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Girls take on the duties of Boy Scouts, and love them –

    Editor’s Note: This is the first of a six-month series of articles celebrating the Year of the Woman in Maryland.


by Terri Hogan

Senior Staff Writer

Angela Delaney, 13, of Burtonsville has been a Girl Scout for eight years.

While she enjoys Girl Scouting, she wanted to participate in other activities that her older brother, Sean, was enjoying as a member of Boy Scout Troop 264.

Fortunately for Angela and girls like her, on Feb. 1, 2019, Boy Scouts of America, now called Scouts BSA, began allowing girls ages 11 to 17 to join.

Cub Scouts, for 5- to 10-year-olds, began welcoming girls in 2017.

The move was big for Boy Scouts, which was founded in 1910 and is deeply rooted in tradition, organizers say.

Those involved say the transition has been smooth. By welcoming girls into its iconic programs, Scouts BSA is responding to the requests of families who, for years, have sought the same opportunities for all members of their family.

One year later, trailblazers like Angela are immersed in learning outdoor skills, camping, earning merit badges and working towards the distinguished rank of Eagle Scout.

The girls’ troops are separate, gender-specific troops, but often run alongside an established “brother” troop.

“It has been a very positive change and I am very proud of our council,” said Aaron Chusid, chief communications officer for the National Capital Area Council Boy Scouts of America, which includes Washington, D.C., and 17 surrounding counties. “There really haven’t been any problems. There was a short acclimation period, but now there is a new normal, and programs are running as usual.”

He said that one of the most interesting outcomes is that Scouts BSA expected to see a lot of girls join to follow their brothers, but officials have seen lots of brothers joining that are now following their sisters.

Chusid said that at the end of February 2019, the first month of welcoming girls, the National Capital Area Council led the nation in the number of girl troops. The council finished the year with 80 girl troops and 900 female Scouts BSA members.

Currently, there are 17 Scouts BSA troops for girls in Montgomery County and another one in the works.


‘The boys have welcomed us’


Angela is grateful to be able to experience the fun things she has watched Sean enjoy through Scouting, such as going to Sea Base in the Bahamas, sailing, snorkeling and going to Philmont Scout Ranch in New Mexico.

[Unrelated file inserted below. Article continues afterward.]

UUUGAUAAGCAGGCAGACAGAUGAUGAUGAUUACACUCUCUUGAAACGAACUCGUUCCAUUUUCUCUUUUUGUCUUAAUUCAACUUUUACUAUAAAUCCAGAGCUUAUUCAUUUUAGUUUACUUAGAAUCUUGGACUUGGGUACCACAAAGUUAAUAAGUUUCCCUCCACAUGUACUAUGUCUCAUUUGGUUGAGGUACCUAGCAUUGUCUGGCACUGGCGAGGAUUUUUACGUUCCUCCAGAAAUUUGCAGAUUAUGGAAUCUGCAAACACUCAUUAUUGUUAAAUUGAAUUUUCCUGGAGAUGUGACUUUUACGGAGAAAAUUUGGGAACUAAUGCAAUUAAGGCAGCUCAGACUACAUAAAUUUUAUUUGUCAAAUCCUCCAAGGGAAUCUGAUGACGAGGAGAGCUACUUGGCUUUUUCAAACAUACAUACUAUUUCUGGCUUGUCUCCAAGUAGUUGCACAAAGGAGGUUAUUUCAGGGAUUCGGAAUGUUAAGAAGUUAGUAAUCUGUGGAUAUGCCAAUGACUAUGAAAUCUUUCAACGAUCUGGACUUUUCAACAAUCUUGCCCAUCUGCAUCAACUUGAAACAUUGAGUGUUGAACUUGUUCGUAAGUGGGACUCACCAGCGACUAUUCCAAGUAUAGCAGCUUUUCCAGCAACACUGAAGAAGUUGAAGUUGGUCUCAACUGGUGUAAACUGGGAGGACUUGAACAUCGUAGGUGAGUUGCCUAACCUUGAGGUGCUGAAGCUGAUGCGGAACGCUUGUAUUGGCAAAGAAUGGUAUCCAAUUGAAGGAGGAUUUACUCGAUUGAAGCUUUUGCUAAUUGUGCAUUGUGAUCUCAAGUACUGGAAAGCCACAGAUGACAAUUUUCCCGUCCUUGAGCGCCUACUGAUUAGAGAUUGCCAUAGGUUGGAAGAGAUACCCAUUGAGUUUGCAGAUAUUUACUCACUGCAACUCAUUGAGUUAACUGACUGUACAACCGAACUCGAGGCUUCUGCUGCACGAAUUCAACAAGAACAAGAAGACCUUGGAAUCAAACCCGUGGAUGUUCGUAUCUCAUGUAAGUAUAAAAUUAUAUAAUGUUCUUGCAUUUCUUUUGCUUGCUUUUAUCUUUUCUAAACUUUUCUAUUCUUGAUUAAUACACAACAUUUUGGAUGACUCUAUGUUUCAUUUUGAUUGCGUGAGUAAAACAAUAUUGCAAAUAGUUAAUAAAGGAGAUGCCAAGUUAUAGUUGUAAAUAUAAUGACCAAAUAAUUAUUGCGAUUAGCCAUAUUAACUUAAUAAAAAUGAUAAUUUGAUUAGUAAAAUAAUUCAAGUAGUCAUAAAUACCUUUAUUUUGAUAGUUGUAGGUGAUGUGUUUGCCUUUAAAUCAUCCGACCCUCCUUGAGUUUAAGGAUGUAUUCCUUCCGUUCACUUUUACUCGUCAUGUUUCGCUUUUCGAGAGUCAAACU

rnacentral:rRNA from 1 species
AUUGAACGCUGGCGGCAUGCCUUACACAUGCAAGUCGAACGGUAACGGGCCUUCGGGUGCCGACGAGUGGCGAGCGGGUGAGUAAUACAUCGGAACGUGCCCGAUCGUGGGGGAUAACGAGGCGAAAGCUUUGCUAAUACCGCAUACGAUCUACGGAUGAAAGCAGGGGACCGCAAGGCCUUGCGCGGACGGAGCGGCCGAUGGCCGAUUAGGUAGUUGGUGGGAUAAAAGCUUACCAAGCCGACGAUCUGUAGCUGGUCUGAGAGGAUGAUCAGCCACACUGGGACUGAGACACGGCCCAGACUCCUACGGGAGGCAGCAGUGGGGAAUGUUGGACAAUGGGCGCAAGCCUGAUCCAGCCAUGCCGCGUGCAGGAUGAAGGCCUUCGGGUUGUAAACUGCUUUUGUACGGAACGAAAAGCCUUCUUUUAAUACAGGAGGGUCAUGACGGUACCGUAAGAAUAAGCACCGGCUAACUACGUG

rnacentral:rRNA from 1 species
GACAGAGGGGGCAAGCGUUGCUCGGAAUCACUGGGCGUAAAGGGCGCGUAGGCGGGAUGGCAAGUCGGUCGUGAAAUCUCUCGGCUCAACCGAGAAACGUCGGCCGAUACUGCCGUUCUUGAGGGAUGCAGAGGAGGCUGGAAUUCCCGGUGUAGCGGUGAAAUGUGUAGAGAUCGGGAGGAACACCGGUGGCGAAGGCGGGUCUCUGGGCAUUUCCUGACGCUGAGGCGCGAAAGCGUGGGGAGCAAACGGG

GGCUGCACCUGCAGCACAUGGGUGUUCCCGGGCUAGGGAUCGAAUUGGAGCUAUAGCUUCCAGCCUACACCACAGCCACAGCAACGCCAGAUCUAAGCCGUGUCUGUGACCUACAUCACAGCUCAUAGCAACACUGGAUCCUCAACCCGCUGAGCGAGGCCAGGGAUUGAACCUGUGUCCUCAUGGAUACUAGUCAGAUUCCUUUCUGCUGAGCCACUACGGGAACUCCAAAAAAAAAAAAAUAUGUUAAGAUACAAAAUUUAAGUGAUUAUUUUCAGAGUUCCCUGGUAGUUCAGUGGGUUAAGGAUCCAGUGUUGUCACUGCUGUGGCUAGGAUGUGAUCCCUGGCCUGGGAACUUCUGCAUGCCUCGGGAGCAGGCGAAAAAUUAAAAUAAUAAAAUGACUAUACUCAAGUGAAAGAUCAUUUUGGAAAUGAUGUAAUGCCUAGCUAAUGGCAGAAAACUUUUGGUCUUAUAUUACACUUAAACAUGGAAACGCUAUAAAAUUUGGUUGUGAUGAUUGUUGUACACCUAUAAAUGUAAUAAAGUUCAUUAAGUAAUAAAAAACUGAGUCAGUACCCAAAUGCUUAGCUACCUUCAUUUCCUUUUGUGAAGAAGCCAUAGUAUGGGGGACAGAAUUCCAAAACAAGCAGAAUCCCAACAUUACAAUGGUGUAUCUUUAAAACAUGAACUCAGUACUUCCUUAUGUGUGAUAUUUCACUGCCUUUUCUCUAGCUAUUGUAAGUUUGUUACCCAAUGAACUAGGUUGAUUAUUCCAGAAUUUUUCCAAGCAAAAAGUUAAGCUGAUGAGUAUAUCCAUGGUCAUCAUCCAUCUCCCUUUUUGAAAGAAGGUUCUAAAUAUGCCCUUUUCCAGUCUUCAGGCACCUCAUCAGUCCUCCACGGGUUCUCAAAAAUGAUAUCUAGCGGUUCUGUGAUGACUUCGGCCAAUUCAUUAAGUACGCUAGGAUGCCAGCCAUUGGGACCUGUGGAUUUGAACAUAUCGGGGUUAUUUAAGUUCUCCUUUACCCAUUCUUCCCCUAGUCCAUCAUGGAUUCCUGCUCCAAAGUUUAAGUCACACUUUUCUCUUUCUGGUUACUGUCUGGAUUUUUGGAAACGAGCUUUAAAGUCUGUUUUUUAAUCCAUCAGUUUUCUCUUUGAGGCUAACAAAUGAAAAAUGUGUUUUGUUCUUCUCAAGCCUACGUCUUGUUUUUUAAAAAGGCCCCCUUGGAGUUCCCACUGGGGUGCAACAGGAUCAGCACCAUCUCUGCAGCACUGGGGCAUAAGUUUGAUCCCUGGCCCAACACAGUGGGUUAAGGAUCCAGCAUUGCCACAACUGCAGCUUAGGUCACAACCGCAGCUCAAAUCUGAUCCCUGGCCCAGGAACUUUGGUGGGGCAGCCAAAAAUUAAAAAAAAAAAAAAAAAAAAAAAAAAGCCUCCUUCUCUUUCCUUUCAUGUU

“I still really enjoy my Girl Scout troop, but I love that the Boy Scouts can offer me so many options,” she said.

In her first year as a Scouts BSA member, Angela has earned about nine merit badges and gone to summer camp at the Goshen Scout Reserve, where she learned to shoot a rifle, catch a fish, clean it and cook it.

“I have learned how to use a knife, start a fire, tie many knots, first aid skills and use a compass,” she said. “I feel like I have been taught some real life skills.”

Doriane Mir, a ninth-grader, is a member of Troop 7592, which runs alongside Troop 759 at Ashton United Methodist Church.

She, too, has learned new skills and gained new experience.

“Throughout the past year, I’ve been a part of the leadership group within the troop that plans the meetings and trips,” she said. “The things I’ve enjoyed the most about this experience is the amount of time we spend in nature and learning new skills. I believe Scouts BSA has helped me gain responsibility and leadership skills that I didn’t have before. I’ve also had many volunteer opportunities around the community.”

Doriane said she is looking forward to being one of the first generation of female Eagle Scouts.

Angela began last year as a founding member of Troop 1444G at Transfiguration Parish in Cloverly and says it was a great experience.

“I made lots of new friends and did lots of camping, and had so much fun,” she said.

But she has tremendous ties to Troop 264 in Olney-Brookeville. Angela’s father, John Delaney, and uncle, Bill Delaney, both earned Eagle Scout rank with Troop 264. Sean is expected to soon reach the rank of Eagle, as well.